Heard about lectins, lectin-free diets, and want to know what all the fuss is about?
Lectins are a naturally occurring protein found in foods that you are likely to have in your fridge or pantry. These include members of the bean family (legumes), many ancient grains and some vegetables.
Some people seem to have trouble digesting lectins, and this can cause problems in your GI tract - which can lead to bloating and inflammation in this area. This has led to lectin-free diets which eliminate high lectin foods like grains, quinoa, beans and vegetables like tomatoes and peppers.
Should you worry about lectins, and are you lectin intolerant? Let's find out.
What Exactly are Lectins?
Lectins are carbohydrate-binding proteins that are found in most plants, particularly seeds and tubers such as cereal crops, potatoes and beans (legumes). This type of protein may be inflammatory if they are not cooked properly or if they are eaten in high quantities.
What Foods Contain Lectins?
Lectins are usually found in plant foods, though they can also come from animal products, and the amount of lectins contained in the food depends on the type of plant or species and how it was processed. The main foods that may contain toxic lectins include:
- Grains such as wheat and wheat germ but also quinoa, white and brown rice, oats, buckwheat, rye, barley, millet and corn
- Red kidney beans
- Dairy foods
- The nightshade family (e.g. potato, tomato, eggplant, cucumber and capsicum)
It is important to note that soaking legumes overnight and rinsing them well does seem to remove or inactivate high amounts of lectins present. Heating may remove lectins in some foods, but not all.
What Damage Can Lectins Cause?
Lectins are considered anti-nutrients, no different to oxalates, phytates and other natural chemicals present in plants, which do not break down easily. They are resistant to both stomach acid and digestive enzymes. Lectins may bind to the wall of the digestive tract and could damage the gut lining, causing intestinal permeability. Because of the damage that lectins could do to the gut, other proteins may be able to cross into the body undigested and cause allergic reactions within the body.
Lectins are linked to some autoimmune conditions such as coeliac disease, rheumatoid arthritis, heart disease, inflammatory bowel disease (IBS) and obesity. However, it's important to note that the majority of studies have been done with isolated lectins, and not with actual foods we consume, so there is limited research on this subject.
Raw beans have been found to contain higher levels of lectins, as opposed to canned beans that have been cooked and processed, hence their low lectin content. However, this is not to suggest that canned vegetables have more health benefits than freshly cooked ones. If you're on a plant-based diet, you can eat foods with lectins so long as you cook them at a high temperature and long enough to reduce, if not eliminate, lectin content.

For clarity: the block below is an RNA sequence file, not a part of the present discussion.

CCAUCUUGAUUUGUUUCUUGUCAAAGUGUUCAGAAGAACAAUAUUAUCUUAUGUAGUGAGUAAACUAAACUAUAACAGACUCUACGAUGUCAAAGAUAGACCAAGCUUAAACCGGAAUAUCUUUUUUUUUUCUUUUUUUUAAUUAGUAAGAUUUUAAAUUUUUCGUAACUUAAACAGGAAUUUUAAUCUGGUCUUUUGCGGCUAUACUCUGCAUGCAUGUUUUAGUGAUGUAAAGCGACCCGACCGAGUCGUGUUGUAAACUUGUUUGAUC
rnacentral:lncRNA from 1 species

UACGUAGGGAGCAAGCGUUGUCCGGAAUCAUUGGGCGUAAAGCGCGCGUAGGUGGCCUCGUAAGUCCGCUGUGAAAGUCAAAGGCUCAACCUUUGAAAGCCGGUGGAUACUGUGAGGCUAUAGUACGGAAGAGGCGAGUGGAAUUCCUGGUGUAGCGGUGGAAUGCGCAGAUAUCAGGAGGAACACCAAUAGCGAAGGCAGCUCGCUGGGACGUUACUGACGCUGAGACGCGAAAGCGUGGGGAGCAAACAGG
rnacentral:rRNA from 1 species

How is Lectin Content Reduced?
Lectins protect plants from predators, but there is no scientific evidence to prove that they can have negative effects on the human body when consumed in cooked foods. In fact, research shows that different cooking methods can eliminate the protein altogether, including roasting, microwaving, baking and toasting. However, lectins in beans take longer to remove, especially if they are cooked at low heat.
Research shows that soaking raw kidney beans in water for at least 8 hours before cooking in water at 212°F for at least 10 minutes will disable the lectins.
What are the Good Effects of Lectins?
The news is not all bad when it comes to lectins.
There have been studies that show that lectins are able to make abnormal and malignant cells stick together, as well as stop them from functioning. This has important overtones when it comes to types of cancer. Soy protein in low concentration has this effect on cancer cells, while leaving normal cells alone in blood types A and AB. Peanut lectins are shown to fight breast cancer cells in blood types A and AB.
Peanut lectins inhibit cancer cell growth and destroy cancer cells in blood types A and AB. Soy bean lectins makes cancer cells stick together and also destroys them in blood types A and AB. Fava bean lectins promote cell differentiation in all blood types. Amaranth lectins inhibit cancer growth in blood types A and AB. Domestic mushrooms promote cell differentiation in all blood types and jackfruit lectins stick together T antigens in all blood types.
In order to reap the benefits of lectins without damaging your gastrointestinal tract, consider foods with low lectin content in your diet such as the following:
Should I Follow a Lectin-free Diet?
Like any diet you are thinking of following, you need to know the pros, cons and potentially harmful side effects before you start it. Elimination diets can expose you to nutritional deficiencies. The current scientific evidence is that lectin-rich foods such as legumes, vegetables and grains are important for a balanced diet.